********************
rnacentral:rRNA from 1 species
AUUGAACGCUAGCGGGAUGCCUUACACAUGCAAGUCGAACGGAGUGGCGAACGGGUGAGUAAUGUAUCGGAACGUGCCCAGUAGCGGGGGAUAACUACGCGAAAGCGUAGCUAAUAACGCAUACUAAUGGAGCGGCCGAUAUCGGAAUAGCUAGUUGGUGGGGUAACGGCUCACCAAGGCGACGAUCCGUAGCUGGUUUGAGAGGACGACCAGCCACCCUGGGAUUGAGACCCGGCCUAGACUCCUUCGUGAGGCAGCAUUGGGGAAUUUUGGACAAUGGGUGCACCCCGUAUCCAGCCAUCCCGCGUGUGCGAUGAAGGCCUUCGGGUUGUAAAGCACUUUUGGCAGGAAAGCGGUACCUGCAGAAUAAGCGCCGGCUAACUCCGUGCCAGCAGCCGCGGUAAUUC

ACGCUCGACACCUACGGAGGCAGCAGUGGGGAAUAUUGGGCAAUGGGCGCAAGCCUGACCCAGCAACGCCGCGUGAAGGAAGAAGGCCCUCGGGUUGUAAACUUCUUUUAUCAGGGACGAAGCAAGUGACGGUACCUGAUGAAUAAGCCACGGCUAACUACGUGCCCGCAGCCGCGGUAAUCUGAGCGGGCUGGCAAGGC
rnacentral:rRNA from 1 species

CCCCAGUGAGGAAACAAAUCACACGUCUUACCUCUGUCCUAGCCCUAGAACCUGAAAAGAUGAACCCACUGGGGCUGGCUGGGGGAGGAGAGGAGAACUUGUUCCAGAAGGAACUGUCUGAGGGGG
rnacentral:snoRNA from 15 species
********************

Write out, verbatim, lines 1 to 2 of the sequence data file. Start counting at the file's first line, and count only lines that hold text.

rnacentral:rRNA from 1 species
AUUGAACGCUAGCGGGAUGCCUUACACAUGCAAGUCGAACGGAGUGGCGAACGGGUGAGUAAUGUAUCGGAACGUGCCCAGUAGCGGGGGAUAACUACGCGAAAGCGUAGCUAAUAACGCAUACUAAUGGAGCGGCCGAUAUCGGAAUAGCUAGUUGGUGGGGUAACGGCUCACCAAGGCGACGAUCCGUAGCUGGUUUGAGAGGACGACCAGCCACCCUGGGAUUGAGACCCGGCCUAGACUCCUUCGUGAGGCAGCAUUGGGGAAUUUUGGACAAUGGGUGCACCCCGUAUCCAGCCAUCCCGCGUGUGCGAUGAAGGCCUUCGGGUUGUAAAGCACUUUUGGCAGGAAAGCGGUACCUGCAGAAUAAGCGCCGGCUAACUCCGUGCCAGCAGCCGCGGUAAUUC